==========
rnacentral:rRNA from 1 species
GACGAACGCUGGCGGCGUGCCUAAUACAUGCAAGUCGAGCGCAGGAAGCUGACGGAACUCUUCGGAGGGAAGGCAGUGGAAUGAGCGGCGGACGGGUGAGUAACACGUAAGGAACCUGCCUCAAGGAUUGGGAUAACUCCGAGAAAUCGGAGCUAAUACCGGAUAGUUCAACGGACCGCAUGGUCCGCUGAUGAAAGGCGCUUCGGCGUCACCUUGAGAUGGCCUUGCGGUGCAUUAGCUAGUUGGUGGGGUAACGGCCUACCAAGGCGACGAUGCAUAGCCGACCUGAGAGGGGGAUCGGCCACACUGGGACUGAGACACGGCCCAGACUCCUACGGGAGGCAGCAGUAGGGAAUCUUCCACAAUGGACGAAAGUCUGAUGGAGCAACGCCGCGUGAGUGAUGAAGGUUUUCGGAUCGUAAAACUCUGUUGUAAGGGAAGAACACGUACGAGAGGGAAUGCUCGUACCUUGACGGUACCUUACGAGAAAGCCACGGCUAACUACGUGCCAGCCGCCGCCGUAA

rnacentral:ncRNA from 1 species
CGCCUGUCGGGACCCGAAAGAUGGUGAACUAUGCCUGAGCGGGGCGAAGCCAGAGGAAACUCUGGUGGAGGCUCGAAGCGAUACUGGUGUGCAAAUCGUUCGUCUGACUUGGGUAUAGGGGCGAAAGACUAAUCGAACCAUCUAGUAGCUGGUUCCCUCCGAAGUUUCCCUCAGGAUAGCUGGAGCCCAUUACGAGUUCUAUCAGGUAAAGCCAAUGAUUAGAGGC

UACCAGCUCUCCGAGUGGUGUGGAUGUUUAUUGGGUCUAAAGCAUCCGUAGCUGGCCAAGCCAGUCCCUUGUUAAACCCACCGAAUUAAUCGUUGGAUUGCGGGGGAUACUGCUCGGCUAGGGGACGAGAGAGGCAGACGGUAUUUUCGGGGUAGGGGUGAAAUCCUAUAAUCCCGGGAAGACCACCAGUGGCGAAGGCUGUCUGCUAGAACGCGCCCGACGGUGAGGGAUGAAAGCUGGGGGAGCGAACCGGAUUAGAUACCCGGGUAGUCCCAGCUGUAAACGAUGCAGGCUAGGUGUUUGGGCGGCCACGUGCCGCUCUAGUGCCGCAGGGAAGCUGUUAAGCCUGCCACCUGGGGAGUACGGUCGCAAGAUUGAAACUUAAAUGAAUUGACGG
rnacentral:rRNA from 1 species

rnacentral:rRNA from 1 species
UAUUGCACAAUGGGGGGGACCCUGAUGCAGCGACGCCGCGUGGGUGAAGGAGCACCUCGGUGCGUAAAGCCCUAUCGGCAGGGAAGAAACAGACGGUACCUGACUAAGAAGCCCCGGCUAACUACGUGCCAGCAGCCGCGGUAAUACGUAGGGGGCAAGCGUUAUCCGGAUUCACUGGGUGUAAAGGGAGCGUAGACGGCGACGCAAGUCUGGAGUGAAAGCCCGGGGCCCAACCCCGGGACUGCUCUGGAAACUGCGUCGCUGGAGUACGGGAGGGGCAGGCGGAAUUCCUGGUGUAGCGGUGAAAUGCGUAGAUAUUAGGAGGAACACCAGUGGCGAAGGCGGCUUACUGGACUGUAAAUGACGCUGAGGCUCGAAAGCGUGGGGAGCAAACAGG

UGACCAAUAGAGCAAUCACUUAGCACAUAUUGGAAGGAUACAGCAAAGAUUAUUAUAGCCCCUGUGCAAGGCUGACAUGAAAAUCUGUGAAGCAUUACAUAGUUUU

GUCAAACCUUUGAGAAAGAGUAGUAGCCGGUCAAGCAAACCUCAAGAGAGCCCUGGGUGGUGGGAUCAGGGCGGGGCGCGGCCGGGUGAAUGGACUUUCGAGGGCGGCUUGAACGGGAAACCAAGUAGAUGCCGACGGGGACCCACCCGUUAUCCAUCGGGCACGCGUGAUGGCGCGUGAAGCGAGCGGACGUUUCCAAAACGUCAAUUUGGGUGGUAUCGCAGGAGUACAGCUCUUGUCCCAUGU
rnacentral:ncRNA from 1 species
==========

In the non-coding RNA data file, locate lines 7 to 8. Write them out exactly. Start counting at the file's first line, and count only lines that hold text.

rnacentral:rRNA from 1 species
UAUUGCACAAUGGGGGGGACCCUGAUGCAGCGACGCCGCGUGGGUGAAGGAGCACCUCGGUGCGUAAAGCCCUAUCGGCAGGGAAGAAACAGACGGUACCUGACUAAGAAGCCCCGGCUAACUACGUGCCAGCAGCCGCGGUAAUACGUAGGGGGCAAGCGUUAUCCGGAUUCACUGGGUGUAAAGGGAGCGUAGACGGCGACGCAAGUCUGGAGUGAAAGCCCGGGGCCCAACCCCGGGACUGCUCUGGAAACUGCGUCGCUGGAGUACGGGAGGGGCAGGCGGAAUUCCUGGUGUAGCGGUGAAAUGCGUAGAUAUUAGGAGGAACACCAGUGGCGAAGGCGGCUUACUGGACUGUAAAUGACGCUGAGGCUCGAAAGCGUGGGGAGCAAACAGG